Archive for September 17th, 2007

WASHINGTON (CNN) – The two leaders shared a border for six years, but former Mexico President Vicente Fox gives a tough assessment on President Bush in a new book out next month, according to U.S. News and World Report.

In “Revolution of Hope,” set to hit book stores October 4, Fox calls Bush “the cockiest guy I have ever met in my life,” and is sharply critical of the president’s Iraq policy and his immigration stance, according to the magazine.

Though he describes warm relations with Bush, Fox in the book also calls the president’s Spanish skills “grade-school” level and says, “I can’t honestly say that I had ever seen George W. Bush getting to the White House.”

In addition to Bush, Fox also sounds off on his “close but rocky relationships” with former British Prime Minister Tony Blair, Cuban leader Fidel Castro, Russian Presidnet Vladimir Putin and Venezuela President Hugo Chávez, according to the books Publisher, Penguin.

Fox served as Mexico’s president from 2000-2006.

The autobiography is co-written by Robert Allyn, a Texas-based political consultant who has advised both Fox and Bush.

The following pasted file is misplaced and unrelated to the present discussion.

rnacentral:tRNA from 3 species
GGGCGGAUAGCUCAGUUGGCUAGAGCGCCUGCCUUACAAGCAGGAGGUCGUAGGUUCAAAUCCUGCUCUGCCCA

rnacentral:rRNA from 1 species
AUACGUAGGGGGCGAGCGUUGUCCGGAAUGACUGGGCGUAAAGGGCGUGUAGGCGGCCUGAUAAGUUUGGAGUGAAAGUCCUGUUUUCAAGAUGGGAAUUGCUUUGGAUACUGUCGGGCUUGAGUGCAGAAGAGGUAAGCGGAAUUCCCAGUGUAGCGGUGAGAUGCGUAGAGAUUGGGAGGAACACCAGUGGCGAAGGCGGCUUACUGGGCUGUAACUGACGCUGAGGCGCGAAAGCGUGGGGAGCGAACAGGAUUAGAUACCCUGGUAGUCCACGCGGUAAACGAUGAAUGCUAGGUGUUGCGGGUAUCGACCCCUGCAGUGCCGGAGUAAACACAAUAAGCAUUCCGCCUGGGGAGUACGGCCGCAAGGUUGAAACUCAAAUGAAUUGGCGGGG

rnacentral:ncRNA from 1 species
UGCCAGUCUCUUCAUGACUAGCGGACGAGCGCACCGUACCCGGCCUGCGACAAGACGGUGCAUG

From CNN.com

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For years Alan Greenspan, the most famous central banker in the history of the job, spoke in a careful code. His chosen means of communication was the oracular observation, hedged around by qualifying subclauses, parenthetical asides and carefully balanced counterfactuals, that could be understood only by those with a detailed knowledge of monetary policy and financial markets.

He once told an audience, in all seriousness: “I guess I should warn you. If I turn out to be particularly clear, you’ve probably misunderstood what I’ve said.”

But with the publication of his memoir, The Age of Turbulence: Adventures in a New World, this week, it is as though the oracle has suddenly grabbed a microphone and started to gossip frantically about all the hopeless souls who had been consulting it all these years.

President Bush is portrayed as irresponsible and incurious (who knew?). The former Chairman of the US Federal Reserve says that Mr Bush presided over intolerable increases in government spending. “My biggest frustration remained the President’s unwillingness to wield his veto against out-of-control spending.”

He had hoped that his colleague from the Ford Administration, Dick Cheney, the Vice-President, would be a force for economic prudence and fiscal discipline. Instead, “I was soon to see my old friends veer off to unexpected directions”.